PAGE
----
Atriopeptin (AP) is a polypeptide produced by atrial myocytes that is capable of inducing diuresis, natriuresis, and vasodilatation. Because thyroid dysfunction is known to be associated with alterations in both renal function and vasomotor control, we investigate the possible effects of varying thyroid function on AP in humans and rats. Plasma AP concentrations were determined in hyperthyroid and hypothyroid patients and normal subjects. Plasma AP was also measured in some patients after the iv infusion of 1 L 150 mmol/L NaCl and after treatment of hyperthyroidism or hypothyroidism. Plasma and atrial AP concentrations were measured in hyperthyroid, euthyroid, and hypothyroid rats. Plasma AP concentrations did not differ in the hyperthyroid (n = 22), euthyroid (n = 45), and hypothyroid (n = 16) subjects [47.1 ± 18.2 (mean ± SD), 45.1 ± 28.9, and 42.4 ± 20.0 pg/mL, respectively]. After NaCl infusion, mean plasma AP concentrations did not increase significantly in any of the three groups. Treatment of hyperthyroidism and hypothyroidism did not result in a significant change in plasma AP levels. In contrast, plasma AP concentrations were significantly higher in T4-treated (hyperthyroid) rats than in either euthyroid or propylthiouracil-treated (hypothyroid) rats [621 ± 17 vs. 266 ± 41 (P < 0.01) and 210 ± 28 pg/mL (P < 0.001), respectively], whereas atrial AP contents were similar in the three groups of rats. We conclude that hyperthyroidism and hypothyroidism in man are not associated with significantly altered plasma AP concentrations. The higher plasma AP levels in T4-treated rats may reflect the relatively shorter duration or greater severity of thyroid dysfunction or thyroid hormone-induced myocardial hypertrophy in the animals.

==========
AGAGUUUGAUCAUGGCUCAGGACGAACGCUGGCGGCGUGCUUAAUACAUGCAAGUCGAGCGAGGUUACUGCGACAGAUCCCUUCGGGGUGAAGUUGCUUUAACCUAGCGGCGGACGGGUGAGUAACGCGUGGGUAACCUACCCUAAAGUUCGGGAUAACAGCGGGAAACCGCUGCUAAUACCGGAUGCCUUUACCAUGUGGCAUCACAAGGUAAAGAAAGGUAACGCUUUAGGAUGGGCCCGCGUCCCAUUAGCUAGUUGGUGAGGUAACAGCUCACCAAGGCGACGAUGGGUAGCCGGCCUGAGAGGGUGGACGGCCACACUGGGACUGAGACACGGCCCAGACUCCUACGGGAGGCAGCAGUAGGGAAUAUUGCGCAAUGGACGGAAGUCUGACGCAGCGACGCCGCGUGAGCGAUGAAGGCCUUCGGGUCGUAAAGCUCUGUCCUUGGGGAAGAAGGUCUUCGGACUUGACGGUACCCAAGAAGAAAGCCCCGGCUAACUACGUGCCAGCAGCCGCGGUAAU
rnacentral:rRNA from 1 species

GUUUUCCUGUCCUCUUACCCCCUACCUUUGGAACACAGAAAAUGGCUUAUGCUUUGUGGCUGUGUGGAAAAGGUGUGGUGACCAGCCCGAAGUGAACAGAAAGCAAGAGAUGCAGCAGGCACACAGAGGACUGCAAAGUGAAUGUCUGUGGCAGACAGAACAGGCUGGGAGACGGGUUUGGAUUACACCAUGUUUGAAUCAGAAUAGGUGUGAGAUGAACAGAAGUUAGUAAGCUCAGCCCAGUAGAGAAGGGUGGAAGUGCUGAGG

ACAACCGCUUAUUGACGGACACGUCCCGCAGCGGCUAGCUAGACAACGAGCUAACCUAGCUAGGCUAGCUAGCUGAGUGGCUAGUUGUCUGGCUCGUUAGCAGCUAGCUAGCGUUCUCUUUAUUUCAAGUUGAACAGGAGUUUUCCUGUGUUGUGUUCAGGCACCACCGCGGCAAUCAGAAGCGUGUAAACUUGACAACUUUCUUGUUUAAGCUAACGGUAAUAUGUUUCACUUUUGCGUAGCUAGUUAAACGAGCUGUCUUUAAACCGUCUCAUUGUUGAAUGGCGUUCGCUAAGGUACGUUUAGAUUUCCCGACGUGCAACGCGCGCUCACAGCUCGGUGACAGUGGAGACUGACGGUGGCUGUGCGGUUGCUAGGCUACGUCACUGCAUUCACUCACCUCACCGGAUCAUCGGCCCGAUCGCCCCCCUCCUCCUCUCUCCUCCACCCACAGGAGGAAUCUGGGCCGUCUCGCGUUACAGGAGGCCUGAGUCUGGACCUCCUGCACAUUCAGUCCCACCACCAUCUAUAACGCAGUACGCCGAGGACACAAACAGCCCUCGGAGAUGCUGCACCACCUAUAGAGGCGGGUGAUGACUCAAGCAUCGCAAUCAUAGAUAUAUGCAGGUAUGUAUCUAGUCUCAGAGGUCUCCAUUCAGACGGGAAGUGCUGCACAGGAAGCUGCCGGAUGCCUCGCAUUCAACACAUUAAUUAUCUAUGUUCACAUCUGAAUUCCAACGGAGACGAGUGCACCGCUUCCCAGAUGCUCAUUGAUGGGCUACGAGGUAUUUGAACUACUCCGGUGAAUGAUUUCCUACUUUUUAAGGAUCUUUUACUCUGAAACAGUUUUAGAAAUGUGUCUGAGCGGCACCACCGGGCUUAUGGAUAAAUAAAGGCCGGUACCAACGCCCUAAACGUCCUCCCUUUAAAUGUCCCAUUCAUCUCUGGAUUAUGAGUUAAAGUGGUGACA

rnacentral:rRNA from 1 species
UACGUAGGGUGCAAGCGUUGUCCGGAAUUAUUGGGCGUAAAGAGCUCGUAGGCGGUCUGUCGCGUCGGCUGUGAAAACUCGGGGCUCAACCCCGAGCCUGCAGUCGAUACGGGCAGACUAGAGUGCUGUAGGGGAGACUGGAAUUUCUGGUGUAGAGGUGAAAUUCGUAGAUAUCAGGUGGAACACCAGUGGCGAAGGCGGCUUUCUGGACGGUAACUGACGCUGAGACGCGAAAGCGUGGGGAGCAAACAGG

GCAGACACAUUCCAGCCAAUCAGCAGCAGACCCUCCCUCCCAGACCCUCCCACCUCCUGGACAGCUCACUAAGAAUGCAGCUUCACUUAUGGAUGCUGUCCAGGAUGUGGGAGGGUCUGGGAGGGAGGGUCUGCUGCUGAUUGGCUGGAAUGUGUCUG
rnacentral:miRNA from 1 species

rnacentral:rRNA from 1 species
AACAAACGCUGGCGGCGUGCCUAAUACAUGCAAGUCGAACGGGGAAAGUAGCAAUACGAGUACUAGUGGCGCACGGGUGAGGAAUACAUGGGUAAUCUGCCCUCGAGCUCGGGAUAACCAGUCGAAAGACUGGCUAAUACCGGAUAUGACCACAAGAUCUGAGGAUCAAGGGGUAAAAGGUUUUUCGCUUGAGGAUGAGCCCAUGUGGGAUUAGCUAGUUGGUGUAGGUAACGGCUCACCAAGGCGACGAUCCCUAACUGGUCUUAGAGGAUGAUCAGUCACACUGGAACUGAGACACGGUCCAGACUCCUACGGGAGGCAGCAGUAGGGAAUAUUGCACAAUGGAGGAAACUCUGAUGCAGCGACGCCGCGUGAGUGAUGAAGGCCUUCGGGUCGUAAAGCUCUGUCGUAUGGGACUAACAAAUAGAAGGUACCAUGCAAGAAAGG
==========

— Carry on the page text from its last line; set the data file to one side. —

ASJC Scopus subject areas
- Endocrinology, Diabetes and Metabolism
- Clinical Biochemistry
- Biochemistry, medical